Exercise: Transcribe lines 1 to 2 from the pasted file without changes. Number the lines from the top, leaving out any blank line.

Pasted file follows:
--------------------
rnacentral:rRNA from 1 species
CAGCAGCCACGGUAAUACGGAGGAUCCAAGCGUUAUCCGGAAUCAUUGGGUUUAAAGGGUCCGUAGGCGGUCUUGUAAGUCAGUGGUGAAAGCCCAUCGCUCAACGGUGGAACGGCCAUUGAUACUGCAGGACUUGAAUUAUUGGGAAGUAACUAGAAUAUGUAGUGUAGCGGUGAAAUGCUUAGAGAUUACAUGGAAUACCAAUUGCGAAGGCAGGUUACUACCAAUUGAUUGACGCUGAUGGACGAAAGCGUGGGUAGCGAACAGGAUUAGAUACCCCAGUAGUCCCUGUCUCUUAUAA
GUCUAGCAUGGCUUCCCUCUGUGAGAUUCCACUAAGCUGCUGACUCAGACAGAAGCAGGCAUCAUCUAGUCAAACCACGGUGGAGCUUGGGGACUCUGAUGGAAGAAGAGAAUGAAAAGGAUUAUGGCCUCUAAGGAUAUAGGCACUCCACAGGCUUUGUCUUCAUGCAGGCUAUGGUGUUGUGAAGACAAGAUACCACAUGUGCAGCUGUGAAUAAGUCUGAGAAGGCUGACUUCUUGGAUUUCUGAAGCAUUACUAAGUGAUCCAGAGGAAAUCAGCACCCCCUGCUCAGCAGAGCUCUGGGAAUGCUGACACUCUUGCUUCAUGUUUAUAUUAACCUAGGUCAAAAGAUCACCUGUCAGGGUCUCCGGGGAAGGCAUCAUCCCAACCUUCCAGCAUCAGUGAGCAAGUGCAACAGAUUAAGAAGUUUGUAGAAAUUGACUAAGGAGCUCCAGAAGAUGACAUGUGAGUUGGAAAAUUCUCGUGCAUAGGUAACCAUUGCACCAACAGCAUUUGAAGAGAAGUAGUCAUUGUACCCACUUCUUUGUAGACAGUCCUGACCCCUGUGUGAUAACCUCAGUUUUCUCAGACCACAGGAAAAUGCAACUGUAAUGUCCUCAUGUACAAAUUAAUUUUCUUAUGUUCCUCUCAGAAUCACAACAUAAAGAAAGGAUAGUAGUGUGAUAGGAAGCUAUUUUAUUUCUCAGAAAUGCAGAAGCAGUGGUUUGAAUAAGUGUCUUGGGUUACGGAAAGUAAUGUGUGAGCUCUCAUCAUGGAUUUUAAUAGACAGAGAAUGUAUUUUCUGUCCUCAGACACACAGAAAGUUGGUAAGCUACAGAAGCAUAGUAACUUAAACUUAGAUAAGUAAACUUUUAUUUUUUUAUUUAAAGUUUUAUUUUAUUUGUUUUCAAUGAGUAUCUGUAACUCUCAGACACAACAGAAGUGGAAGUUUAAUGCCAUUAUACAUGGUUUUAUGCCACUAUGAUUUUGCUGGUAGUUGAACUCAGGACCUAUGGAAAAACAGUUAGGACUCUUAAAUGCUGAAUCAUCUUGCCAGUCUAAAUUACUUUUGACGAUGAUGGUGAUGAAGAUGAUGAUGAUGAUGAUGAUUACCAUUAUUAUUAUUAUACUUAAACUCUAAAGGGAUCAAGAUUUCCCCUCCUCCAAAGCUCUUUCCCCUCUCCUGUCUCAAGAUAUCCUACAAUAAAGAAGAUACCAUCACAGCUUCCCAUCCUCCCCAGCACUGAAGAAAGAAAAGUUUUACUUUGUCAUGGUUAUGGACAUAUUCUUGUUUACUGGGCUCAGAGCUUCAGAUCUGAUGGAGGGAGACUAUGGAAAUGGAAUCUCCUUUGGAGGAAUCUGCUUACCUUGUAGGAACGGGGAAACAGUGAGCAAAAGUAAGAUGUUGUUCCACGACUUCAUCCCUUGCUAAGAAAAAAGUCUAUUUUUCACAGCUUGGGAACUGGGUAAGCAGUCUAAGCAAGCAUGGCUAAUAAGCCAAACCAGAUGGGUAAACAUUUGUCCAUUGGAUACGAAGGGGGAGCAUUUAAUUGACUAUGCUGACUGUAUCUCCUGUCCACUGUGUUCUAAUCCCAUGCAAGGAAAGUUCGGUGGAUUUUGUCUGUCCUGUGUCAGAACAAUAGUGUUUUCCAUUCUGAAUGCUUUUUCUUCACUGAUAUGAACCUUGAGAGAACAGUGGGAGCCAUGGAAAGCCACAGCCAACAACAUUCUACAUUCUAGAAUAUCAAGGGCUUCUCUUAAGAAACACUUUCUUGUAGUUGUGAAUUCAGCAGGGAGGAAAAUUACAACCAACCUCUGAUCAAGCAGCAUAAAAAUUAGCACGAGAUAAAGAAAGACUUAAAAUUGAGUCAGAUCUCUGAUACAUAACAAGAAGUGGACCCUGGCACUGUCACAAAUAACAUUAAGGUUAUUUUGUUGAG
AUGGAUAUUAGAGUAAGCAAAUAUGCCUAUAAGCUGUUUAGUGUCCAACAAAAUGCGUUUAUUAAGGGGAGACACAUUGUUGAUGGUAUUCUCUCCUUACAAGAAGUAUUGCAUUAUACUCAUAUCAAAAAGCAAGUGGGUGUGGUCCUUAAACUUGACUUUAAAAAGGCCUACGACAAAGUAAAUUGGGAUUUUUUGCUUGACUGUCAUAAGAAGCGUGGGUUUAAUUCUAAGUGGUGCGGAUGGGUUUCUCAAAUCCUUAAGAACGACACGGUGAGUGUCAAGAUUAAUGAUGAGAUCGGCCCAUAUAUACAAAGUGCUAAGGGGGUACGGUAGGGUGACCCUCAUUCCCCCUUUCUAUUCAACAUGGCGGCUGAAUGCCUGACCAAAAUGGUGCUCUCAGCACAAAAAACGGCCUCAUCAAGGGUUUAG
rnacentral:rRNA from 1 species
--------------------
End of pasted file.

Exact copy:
rnacentral:rRNA from 1 species
CAGCAGCCACGGUAAUACGGAGGAUCCAAGCGUUAUCCGGAAUCAUUGGGUUUAAAGGGUCCGUAGGCGGUCUUGUAAGUCAGUGGUGAAAGCCCAUCGCUCAACGGUGGAACGGCCAUUGAUACUGCAGGACUUGAAUUAUUGGGAAGUAACUAGAAUAUGUAGUGUAGCGGUGAAAUGCUUAGAGAUUACAUGGAAUACCAAUUGCGAAGGCAGGUUACUACCAAUUGAUUGACGCUGAUGGACGAAAGCGUGGGUAGCGAACAGGAUUAGAUACCCCAGUAGUCCCUGUCUCUUAUAA